May 7, 1952 (21st Parliament, 6th Session)


George Matheson Murray


Mr. G. M. Murray (Cariboo):

Mr. Speaker,
I heartily agree with the hon. member for Vancouver-Quadra (Mr. Green) who has suggested that assistance should be given by the Department of Defence Production.
This discussion brings to mind an historic moment in the history of Canada. In 1874 discussions took place in the House of Commons as to the final plan or route for the Canadian Pacific Railway. After everybody had had his say, Sir John A. Macdonald, the great leader of the party so well represented by the hon. member for Vancouver-Quadra, rose in his place to speak. At that time Sir John was in opposition. His speech, as mine will be on this occasion, was brief: I have at least that in common with the great first prime minister of Canada.
After consultation with certain people he said, "There is no doubt that the road should go along the line discovered by Alexander Mackenzie, and that it should pass down through the Peace river area, through the Nechako country, and so on." He put his finger on the map, where Fort George was located, and said, "That is the centre; that is where the rivers meet; that is where the trails cross. That some day will be a great city." Fort George is today Prince George; and of course it is an outstanding centre in the Cariboo electoral district which I have the honour to represent. I mention it in this connection because the Cariboo country is the
hinterland to Prince Rupert, Kitimat, Vancouver and the other great coastal ports on the Pacific.
I am supporting this measure because u brings to fruition the dream that, no doubt, that great pioneer statesman had of the development of the interior of British Columbia. I refer not so much to the development that has taken place along the 49th parallel in the southwest corner of British Columbia, but rather to the heart of the country where most of the wealth is located, where we see the great plains and the great timber areas, where we find the waterpower and the minerals.
That is where we should have a metropolis, the place where Sir John placed his finger, at the confluence of the Nechako and the Fraser, the site of the present city of Prince George.
The building of this industry at Kitimat is probably the greatest event in northern British Columbia since the building of the first railway. I commend the minister upon his having appreciated quickly the need for rail extensions there, and the building of this Kitimat cut-off. I would hope that later he might see his way clear to have the Canadian National Railways build a branch into the Peace river country. I know that Premier Johnson of British Columbia has that in mind. The people of British Columbia are united in their desire to see a railway in the Peace river country, the great agricultural area in which few people live, but a place where all kinds of grains and fodder can be grown. Indeed, that area can produce most of the products grown here in Ontario, with the possible exception of tree fruits.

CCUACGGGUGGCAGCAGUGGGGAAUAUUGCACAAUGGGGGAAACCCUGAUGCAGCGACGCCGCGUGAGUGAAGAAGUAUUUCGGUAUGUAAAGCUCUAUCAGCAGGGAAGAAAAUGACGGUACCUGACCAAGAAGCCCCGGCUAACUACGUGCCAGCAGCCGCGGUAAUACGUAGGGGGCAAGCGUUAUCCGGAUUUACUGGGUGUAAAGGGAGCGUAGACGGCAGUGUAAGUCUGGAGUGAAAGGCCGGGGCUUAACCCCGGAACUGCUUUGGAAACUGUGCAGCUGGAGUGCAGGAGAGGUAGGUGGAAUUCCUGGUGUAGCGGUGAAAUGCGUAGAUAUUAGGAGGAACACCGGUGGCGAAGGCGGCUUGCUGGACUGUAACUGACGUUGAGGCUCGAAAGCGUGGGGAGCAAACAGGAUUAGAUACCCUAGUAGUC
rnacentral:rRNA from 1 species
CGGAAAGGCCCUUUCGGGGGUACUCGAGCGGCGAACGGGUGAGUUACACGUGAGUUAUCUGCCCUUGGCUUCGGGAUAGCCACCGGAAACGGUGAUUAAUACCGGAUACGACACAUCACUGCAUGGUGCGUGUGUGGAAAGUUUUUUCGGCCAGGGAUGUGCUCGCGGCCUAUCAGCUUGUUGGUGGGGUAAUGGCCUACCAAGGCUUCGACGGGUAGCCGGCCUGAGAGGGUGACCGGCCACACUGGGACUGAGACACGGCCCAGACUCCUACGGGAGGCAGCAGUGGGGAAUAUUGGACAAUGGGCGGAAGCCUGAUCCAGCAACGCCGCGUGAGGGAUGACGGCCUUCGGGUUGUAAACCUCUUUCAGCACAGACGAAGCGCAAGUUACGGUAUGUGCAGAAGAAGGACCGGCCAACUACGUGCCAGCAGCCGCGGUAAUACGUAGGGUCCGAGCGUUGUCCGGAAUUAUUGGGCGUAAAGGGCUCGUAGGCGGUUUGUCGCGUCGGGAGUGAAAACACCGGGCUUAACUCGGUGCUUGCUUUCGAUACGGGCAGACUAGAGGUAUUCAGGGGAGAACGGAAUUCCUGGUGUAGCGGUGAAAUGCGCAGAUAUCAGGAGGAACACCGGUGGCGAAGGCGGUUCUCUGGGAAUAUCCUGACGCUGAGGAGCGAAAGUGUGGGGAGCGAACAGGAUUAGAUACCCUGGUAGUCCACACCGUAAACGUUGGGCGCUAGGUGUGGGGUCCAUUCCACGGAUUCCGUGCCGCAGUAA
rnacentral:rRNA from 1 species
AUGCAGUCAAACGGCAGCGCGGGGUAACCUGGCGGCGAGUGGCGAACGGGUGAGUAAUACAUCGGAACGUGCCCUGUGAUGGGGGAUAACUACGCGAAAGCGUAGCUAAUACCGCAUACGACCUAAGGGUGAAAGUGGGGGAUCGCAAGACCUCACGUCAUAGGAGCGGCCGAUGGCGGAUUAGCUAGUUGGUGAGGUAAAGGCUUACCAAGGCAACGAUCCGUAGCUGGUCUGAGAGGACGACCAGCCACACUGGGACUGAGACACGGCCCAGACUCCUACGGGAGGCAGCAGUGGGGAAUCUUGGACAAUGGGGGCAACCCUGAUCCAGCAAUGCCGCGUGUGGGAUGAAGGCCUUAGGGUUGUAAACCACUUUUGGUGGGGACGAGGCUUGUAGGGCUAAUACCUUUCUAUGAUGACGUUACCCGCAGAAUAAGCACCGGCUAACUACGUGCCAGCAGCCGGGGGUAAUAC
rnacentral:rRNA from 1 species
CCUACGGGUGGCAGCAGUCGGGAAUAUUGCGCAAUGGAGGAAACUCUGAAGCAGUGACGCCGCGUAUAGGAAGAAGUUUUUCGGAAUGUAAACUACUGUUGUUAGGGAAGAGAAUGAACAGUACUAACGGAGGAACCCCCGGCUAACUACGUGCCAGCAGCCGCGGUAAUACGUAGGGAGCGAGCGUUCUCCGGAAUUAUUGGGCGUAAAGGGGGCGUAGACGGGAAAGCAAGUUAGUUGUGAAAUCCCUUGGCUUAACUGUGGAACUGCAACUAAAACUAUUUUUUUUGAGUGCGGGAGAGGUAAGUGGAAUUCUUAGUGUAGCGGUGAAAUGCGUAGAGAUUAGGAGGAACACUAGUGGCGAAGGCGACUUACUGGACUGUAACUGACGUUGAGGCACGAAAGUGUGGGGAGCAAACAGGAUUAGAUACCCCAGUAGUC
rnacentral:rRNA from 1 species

That area remains to be tapped by rail. If a town is built at Kitimat, and if this branch railway is to be as profitable as indicated, then there must be back of it and back of Kitimat an extensive farming industry. There must be dairy and other products to supply a big industrial population. Recently we had a discovery of oil and large quantities of natural gas in the Peace river country. I believe that today consideration is being given to running branches from the proposed pipe line to Vancouver to serve Prince Rupert, Kitimat and other places on the northern Pacific coast.
I think also of the great development which has taken place in the interior of British Columbia north of the 60th parallel within the confines of the riding represented by the hon. member for Yukon-Mackenzie River (Mr. Simmons). During the last year or so there have been vast developments in all kinds of

minerals, particularly uranium, oil and natural gas. That country has no rail connection with the Pacific coast and I visualize the construction of a line, possibly down through Grimshaw in Alberta, the continuation of the Northern Alberta railway over into the Peace river bloc in British Columbia, with a further extension from there by Canadian National Railways to Pacific tidewater.
These great smelters and refineries will just naturally be located around Prince Rupert, Kitimat and other points on the Pacific coast. I think it would be wrong to think otherwise. The construction of railroads in Canada is a matter of great national importance today, just as it was in 1874. We are entering a new era of discovery, mechanical devices, invention and general development.
Last night we had as a guest in this House of Commons the president of the Canadian Pacific Air Lines Limited. In the early thirties when so many young men were having to go into the unemployment camps wondering what they were going to do, Grant McCon-achie thought that it would be a good idea to become an aviator. He had been firing a locomotive on the Canadian Northern railroad. He learned to fly an aeroplane and went up into the north country where he flew out furs, fish and everything that offered. He carried these commodities down to Prince George, Edmonton and other rail centres.
From that small beginning he developed a great business. I am very happy that I had some little part in getting him launched out of Ashcroft with the first air mail service out of the Cariboo. From that small beginning he built up a great air fleet which now spans the Pacific to Japan, China, Australia, New Zealand as well as points in South America. Great wealth has been brought to this country through the operation of that air service as part of our transportation picture now being worked out in the northwest and toward the completion of which the Minister of Transport (Mr. Chevrier) is making such a great contribution.

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